In this post, Andrew McGee (Queensland University of Technology) and Drew Carter (University of Adelaide) discuss their recent article in Journal of Applied Philosophy on the moral difference between withdrawing and withholding medical interventions.
Some health ethics writers and clinical guidelines claim that withdrawing and withholding medical treatment are morally equivalent: if one is permissible or impermissible, so too the other.
Call this view Equivalence. It is heir of a related view that has held sway in ethical and legal debate for decades, in support of the withdrawal of treatment that is no longer beneficial. The thinking was that if treatment no longer benefits a patient, then whether it is withheld or withdrawn does not matter – so there is no morally relevant difference between the two.
Equivalence goes beyond this. It applies to beneficial treatment, where two patients compete for one resource. The reasoning is: To save as many lives as possible, we would have no qualms about withholding a beneficial treatment from one person to give it to another who can benefit more. We should therefore have no qualms about withdrawing it either. In a recent article, we argue that Equivalence is false.
Here are two scenarios illustrating the dilemma from the COVID-19 crisis. In both scenarios, A and B both need the last remaining ventilator to survive:
Scenario 1: A arrives in the ICU and the doctors estimate that A has a 20-50 per cent chance of surviving with ventilation, so they decide to connect A to the ventilator. But before connecting A, B arrives. Doctors estimate that B has a 50-80 per cent chance of surviving with ventilation. Doctors must decide who to connect. Other things are equal.
Scenario 2: A arrives in the ICU and the doctors estimate that A has a 20-50 per cent chance of surviving with ventilation, so they connect A to the ventilator. B then arrives, and the doctors estimate that B has a 50-80 per cent chance of surviving with ventilation. Doctors must decide whether to withdraw from A to give the ventilator to B, or withhold the ventilator from B to keep giving it to A. Other things are equal.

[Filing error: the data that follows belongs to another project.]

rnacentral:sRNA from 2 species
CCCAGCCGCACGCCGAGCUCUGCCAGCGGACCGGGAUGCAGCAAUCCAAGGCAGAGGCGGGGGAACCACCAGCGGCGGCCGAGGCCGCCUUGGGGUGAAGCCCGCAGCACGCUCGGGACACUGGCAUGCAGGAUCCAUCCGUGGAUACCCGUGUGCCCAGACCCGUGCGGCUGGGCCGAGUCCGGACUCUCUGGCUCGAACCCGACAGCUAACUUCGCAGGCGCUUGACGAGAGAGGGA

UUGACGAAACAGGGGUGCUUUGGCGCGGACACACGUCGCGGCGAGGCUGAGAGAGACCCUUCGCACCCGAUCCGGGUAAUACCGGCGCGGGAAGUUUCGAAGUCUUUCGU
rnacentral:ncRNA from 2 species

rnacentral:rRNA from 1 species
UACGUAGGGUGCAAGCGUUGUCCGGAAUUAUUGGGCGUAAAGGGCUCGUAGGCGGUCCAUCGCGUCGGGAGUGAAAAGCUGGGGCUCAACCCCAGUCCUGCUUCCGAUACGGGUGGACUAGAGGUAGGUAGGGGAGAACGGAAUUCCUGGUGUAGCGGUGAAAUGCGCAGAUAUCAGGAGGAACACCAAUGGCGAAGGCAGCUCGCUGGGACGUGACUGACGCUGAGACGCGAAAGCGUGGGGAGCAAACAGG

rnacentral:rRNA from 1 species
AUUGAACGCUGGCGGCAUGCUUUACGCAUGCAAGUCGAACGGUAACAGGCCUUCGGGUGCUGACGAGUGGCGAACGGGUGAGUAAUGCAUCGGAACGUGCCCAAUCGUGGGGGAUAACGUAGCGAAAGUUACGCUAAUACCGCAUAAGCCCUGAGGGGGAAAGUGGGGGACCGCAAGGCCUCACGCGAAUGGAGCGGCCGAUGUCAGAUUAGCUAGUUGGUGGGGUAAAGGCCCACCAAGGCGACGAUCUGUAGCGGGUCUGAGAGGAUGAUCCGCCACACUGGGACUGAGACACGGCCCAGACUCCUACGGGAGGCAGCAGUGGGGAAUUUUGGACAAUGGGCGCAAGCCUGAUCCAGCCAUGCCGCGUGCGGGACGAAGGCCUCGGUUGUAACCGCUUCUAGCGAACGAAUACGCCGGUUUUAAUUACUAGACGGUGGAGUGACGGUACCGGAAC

We could compare the act we choose as most justified out of the two options in Scenario 1 with the act we choose out of the two options in Scenario 2. Suppose in Scenario 1 we choose to withhold from A and in Scenario 2 we choose to withdraw from A. We might then conclude this is evidence for Equivalence. This seems rational because all other things are equal between the two scenarios.
However, there is a problem. We also need to make other things equal between the two options within each Scenario (withholding from A or B in Scenario 1, withdrawing from A or withholding from B in Scenario 2). In each scenario, B can benefit more than A. This greater capacity to benefit may have led us to conclude that it is permissible to withhold from A in Scenario 1 and withdraw from A in Scenario 2. How do we know that this hasn’t overridden any moral difference between withholding from A and withdrawing from A? Once capacities to benefit are equal, it seems that it is impermissible rather than permissible to withhold from A in Scenario 1 and to withdraw from A in Scenario 2.